Gion-matsuri 「祇園祭」 (Kyoto)
During the Heian period (794-1185), Kyoto suffered a series of natural disasters and plagues. As a form of appeasement to Mother Nature, a thousand years ago during a famine, purification ceremonies called “gouy-e” came into practice. Traditional spears were gathered from all over Japan as well as portable mikoshi (shrines) and offered to pay respect to the gods. One of the first of these ceremonies, Gion Matsuri, was held in the early Heian period at a time of devastating plagues.
The highlight of the modern festival is the “Yamaboko Junko” parade. The Yamaboko, or giant wooden floats, are assembled without nails in the traditional Japanese way. These towering floats are so massive that they require more than 40 men to pull them through the narrow, winding streets of Kyoto. Each float is considered to be a moveable museum of history.
Location : Shijyo-Karasuma area (the nearest station is Kyoto subway Shijyo station.) Event Schedule
July 1: Opening
July 10: Omukae Chochin (lantern ceremony)
A procession with lanterns around Yasaka-Jinja Shrine 16:30 to 20:30
July 10 & 28: Mikoshi Arai (mikoshi shrine purification)
A sacred portable shrine procession Yasaka-Jinja Shrine to Shijo Bridge 18:00 to 20:30
July 14-16: Yoiyama festival
Lanterns on the Yamaboko floats are lit on
July 14-16: Byobu Matsuri (folding screen festival)
Folding screen will be shown to the public from the street of where floats are on stanby from 11:00 to 18:00
July 16: Kencha Matsuri (tea ceremony festival)
At Yasaka-Jinja Shrine from 9:00
July 17: Yamaboko Junko parade
July 24: Hanagasa Junko (flower umbrella and latter yamaboko parade)
July 25: Kyogen Performance (comic theatrical show)
Kyogen, a comic theatrical show will be performed at Yasaka-Jinja Shrine from 11:00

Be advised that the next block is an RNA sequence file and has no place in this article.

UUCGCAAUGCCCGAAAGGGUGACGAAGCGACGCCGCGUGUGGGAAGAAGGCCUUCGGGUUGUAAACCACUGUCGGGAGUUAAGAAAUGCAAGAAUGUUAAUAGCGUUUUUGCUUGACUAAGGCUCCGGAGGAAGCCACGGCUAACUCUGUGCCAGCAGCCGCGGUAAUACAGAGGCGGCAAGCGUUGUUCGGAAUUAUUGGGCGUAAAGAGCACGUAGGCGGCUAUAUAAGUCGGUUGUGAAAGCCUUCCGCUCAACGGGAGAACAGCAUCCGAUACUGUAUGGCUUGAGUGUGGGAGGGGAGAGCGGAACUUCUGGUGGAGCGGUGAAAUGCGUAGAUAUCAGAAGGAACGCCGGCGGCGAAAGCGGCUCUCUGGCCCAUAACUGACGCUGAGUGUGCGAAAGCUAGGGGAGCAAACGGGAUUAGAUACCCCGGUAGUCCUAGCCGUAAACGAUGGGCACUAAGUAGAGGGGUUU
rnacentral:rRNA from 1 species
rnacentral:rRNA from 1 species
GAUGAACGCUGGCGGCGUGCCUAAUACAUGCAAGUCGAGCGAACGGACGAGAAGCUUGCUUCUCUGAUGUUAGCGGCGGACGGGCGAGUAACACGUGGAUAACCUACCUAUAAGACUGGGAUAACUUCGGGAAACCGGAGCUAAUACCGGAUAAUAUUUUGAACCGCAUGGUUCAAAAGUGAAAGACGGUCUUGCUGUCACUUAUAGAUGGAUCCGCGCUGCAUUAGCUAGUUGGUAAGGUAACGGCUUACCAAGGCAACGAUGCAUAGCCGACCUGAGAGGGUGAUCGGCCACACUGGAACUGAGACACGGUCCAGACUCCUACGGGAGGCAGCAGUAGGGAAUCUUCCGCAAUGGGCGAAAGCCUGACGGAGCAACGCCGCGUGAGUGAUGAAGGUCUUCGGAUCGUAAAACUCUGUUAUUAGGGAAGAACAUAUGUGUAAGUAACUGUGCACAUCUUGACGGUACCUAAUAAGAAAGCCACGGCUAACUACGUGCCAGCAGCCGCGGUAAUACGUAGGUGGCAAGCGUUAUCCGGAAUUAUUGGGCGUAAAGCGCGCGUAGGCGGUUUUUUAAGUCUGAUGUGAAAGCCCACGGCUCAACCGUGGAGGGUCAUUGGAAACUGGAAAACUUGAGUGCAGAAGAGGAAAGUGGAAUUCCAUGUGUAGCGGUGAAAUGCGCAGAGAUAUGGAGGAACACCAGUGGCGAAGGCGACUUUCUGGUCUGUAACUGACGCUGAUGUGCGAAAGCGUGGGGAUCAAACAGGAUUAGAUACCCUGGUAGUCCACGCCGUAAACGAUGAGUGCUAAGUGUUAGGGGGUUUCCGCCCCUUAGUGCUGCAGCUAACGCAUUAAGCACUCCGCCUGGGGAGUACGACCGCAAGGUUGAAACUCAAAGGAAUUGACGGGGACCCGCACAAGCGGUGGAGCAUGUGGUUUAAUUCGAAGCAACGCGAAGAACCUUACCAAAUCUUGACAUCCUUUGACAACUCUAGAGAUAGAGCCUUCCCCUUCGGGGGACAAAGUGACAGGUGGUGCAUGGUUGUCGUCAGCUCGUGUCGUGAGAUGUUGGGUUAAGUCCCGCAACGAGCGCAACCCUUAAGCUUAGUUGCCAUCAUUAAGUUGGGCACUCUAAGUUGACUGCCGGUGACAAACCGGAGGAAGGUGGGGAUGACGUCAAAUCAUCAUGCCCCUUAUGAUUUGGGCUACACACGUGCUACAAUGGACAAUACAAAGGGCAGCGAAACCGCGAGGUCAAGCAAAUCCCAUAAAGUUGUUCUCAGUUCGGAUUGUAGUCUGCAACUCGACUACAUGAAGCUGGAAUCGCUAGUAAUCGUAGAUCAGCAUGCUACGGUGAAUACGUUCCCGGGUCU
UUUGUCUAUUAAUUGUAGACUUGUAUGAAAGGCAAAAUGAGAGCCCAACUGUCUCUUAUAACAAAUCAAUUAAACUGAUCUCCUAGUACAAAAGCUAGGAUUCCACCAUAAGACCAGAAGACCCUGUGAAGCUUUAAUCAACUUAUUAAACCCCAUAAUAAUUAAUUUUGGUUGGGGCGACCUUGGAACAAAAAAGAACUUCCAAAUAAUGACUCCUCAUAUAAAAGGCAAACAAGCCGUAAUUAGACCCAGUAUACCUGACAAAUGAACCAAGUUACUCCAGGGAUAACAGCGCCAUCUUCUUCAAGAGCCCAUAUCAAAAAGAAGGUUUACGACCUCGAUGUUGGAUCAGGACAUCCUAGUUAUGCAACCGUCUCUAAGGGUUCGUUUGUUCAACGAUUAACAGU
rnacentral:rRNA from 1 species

July 31: Nagoshi-sai (summer purification ceremony and closing)
Worships and visitors walk through the big rhizome ring attached to the torii gate to purify
Tenjin-matsuri 「天神祭り」 (Osaka)
Tenmangu is a shinto shrine – founded in 949 – is popular with locals praying for academic success since it is devoted to the deity of learning: “Sugawara no Michizane”. The main celebration is held on the second day, July 25th and includes a land procession with “mikoshi” (portable shrines), a river procession with festival boats along the Okawa River and spectacular fireworks as night falls.
Kanda-matsuri 「神田祭」 (Tokyo)
The festival consists of a week-long succession of ceremonial rituals and parades, centering around Kanda Shrine. The highlights are on May 11, when hundreds of people parade through Kanda and the surrounding area, bearing “mikoshi ” (portable shrines) and accompanied by shinto priests on horseback.
Kanda Matsuri is a Shinto festival originally held to celebrate Shogun Ieyasu Tokugawa’s famous victory at the Battle of Sekigahara.Date : The festival only takes place on odd numbered years Access : 5 mins walk from Ochanomizu Station on the JR Chuo Line